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Interactive Acute Smooth Muscle Effects of Salmeterol and Fluticasone in the Airway

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ClinicalTrials.gov Identifier: NCT01231230
Recruitment Status : Completed
First Posted : November 1, 2010
Results First Posted : December 10, 2014
Last Update Posted : June 30, 2016
Sponsor:
Collaborator:
GlaxoSmithKline
Information provided by (Responsible Party):
Adam Wanner, University of Miami

Tracking Information
First Submitted Date  ICMJE October 25, 2010
First Posted Date  ICMJE November 1, 2010
Results First Submitted Date  ICMJE March 24, 2014
Results First Posted Date  ICMJE December 10, 2014
Last Update Posted Date June 30, 2016
Study Start Date  ICMJE May 2007
Actual Primary Completion Date December 2009   (Final data collection date for primary outcome measure)
Current Primary Outcome Measures  ICMJE
 (submitted: December 3, 2014)
Maximum Change From Baseline in Airway Blood Flow (Qaw) [ Time Frame: maximum change in Qaw within 240 minutes post drug inhalation ]
Original Primary Outcome Measures  ICMJE
 (submitted: October 29, 2010)
  • airway blood flow (Qaw) [ Time Frame: immediately after inhalation of salmeterol ]
    Qaw will be measured before and at 5, 15, 30, 60, 120, and 240 min after inhalation of salmeterol
  • Airway Blood Flow (Qaw) [ Time Frame: immediately after inhalation of fluticasone ]
    Qaw will be measured before and at 5, 15, 30, 60, 120, and 240 min after inhalation of fluticasone
  • Airway Blood Flow (Qaw) [ Time Frame: immediately after inhalation of fluticasone/salmeterol ]
    Qaw will be measured before and at 5, 15, 30, 60, 120, and 240 min after inhalation of fluticasone/salmeterol
Change History Complete list of historical versions of study NCT01231230 on ClinicalTrials.gov Archive Site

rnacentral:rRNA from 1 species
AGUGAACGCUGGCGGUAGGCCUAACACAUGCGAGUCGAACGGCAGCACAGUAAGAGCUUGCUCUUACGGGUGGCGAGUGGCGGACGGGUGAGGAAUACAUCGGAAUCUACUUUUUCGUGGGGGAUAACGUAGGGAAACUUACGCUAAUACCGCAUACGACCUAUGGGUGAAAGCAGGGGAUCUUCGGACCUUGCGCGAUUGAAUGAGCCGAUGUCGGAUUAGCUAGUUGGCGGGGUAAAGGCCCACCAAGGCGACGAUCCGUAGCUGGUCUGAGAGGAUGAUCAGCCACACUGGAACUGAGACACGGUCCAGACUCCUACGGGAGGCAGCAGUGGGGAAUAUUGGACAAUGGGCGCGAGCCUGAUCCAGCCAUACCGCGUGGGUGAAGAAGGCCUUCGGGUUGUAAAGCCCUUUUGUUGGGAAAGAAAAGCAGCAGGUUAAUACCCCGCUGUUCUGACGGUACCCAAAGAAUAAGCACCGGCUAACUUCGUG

Current Secondary Outcome Measures  ICMJE Not Provided
Original Secondary Outcome Measures  ICMJE
 (submitted: October 29, 2010)
  • Spirometry [ Time Frame: immediately after inhalation of salmeterol ]
    Spirometry will be measured before and at 5, 15, 30, 60, 120, and 240 min after inhalation of salmeterol
  • spirometry [ Time Frame: immediately after inhalation of fluticasone/salmeterol ]
    Spirometry will be measured before and at 5, 15, 30, 60, 120, and 240 min after inhalation of fluticasone/salmeterol
  • Spirometry [ Time Frame: immediately after inhalation of fluticasone ]
    Spirometry will be measured before and at 5, 15, 30, 60, 120, and 240 min after inhalation of fluticasone
Current Other Pre-specified Outcome Measures Not Provided
Original Other Pre-specified Outcome Measures Not Provided
 
Descriptive Information
Brief Title  ICMJE Interactive Acute Smooth Muscle Effects of Salmeterol and Fluticasone in the Airway
Official Title  ICMJE Interactive Acute Smooth Muscle Effects of Salmeterol and Fluticasone in the Airway
Brief Summary The addition of an inhaled long-acting beta-adrenergic agonist to an inhaled glucocorticosteroid improves disease control in persistent asthma. This observation has supported the use of long-acting beta-adrenergic agonist/glucocorticosteroid combination preparations for the management of asthma. Currently, salmeterol/fluticasone and formoterol/budesonide are available for clinical use. The long-term beneficial clinical effects of the two drug classes seem to be synergistic, and several mechanisms of glucocorticoid-beta-adrenergic agonist interactions involving gene transcription have been invoked to explain this phenomenon.This study, wish to address the question whether glucocorticoids can acutely potentiate the bronchodilator response to a long-acting beta-adrenergic agonist.We expect that in patients with asthma, the short-term bronchodilator effect of salmeterol is enhanced by the addition of fluticasone, which by itself has no short-term bronchodilator effect. To test this premise, we will assess the respective short-term effects of salmeterol (50 µg), fluticasone (250 µg), salmeterol/fluticasone (50/250 µg), and placebo/placebo on spirometric parameters. Airway Blood flow will also be measured to ensure that vasoconstriction does not occur.